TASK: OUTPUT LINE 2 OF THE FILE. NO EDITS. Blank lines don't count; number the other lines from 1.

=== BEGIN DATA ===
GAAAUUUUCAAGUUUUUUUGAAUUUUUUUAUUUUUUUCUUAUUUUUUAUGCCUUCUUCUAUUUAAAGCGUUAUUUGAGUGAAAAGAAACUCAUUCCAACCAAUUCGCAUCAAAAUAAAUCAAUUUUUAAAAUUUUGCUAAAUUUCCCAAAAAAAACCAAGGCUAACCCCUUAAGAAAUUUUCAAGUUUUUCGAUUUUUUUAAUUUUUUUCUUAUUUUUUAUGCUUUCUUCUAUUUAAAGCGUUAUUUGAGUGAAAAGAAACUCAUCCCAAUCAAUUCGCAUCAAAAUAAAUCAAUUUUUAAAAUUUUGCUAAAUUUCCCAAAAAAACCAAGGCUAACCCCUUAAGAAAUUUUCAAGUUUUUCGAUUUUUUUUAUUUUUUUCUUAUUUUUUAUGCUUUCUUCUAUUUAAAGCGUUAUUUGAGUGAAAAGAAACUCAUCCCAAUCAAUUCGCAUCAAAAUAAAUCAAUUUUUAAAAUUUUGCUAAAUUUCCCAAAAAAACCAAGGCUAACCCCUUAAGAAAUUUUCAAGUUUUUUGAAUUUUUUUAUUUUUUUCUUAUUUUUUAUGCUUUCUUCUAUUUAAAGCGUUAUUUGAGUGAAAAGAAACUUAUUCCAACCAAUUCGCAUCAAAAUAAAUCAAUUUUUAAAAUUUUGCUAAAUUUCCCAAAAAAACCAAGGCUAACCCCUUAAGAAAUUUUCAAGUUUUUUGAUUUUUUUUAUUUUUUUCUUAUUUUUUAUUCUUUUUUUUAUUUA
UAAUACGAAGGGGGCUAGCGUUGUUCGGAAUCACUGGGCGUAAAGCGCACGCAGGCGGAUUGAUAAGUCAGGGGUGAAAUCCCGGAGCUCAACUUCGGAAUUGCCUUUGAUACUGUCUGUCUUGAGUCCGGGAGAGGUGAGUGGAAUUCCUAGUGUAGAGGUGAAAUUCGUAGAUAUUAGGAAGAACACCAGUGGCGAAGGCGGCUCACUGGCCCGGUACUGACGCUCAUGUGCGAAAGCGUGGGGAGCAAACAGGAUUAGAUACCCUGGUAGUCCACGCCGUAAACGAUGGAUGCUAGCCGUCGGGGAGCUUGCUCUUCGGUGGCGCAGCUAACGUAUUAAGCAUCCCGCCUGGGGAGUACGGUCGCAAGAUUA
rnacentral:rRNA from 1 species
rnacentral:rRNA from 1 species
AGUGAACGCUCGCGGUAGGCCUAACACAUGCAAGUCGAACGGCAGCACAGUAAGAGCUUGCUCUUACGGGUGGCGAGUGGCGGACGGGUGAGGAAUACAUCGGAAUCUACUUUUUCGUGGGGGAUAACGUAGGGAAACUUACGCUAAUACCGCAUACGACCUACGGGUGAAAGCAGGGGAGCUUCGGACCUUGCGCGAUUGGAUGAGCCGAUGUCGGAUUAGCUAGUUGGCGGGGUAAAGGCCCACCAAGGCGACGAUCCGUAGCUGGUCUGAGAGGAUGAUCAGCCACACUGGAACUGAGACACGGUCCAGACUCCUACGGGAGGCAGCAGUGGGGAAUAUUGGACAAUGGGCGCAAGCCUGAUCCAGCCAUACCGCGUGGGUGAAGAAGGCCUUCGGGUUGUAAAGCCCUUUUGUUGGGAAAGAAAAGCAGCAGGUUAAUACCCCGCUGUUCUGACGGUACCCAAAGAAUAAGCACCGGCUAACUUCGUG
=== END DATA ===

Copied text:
UAAUACGAAGGGGGCUAGCGUUGUUCGGAAUCACUGGGCGUAAAGCGCACGCAGGCGGAUUGAUAAGUCAGGGGUGAAAUCCCGGAGCUCAACUUCGGAAUUGCCUUUGAUACUGUCUGUCUUGAGUCCGGGAGAGGUGAGUGGAAUUCCUAGUGUAGAGGUGAAAUUCGUAGAUAUUAGGAAGAACACCAGUGGCGAAGGCGGCUCACUGGCCCGGUACUGACGCUCAUGUGCGAAAGCGUGGGGAGCAAACAGGAUUAGAUACCCUGGUAGUCCACGCCGUAAACGAUGGAUGCUAGCCGUCGGGGAGCUUGCUCUUCGGUGGCGCAGCUAACGUAUUAAGCAUCCCGCCUGGGGAGUACGGUCGCAAGAUUA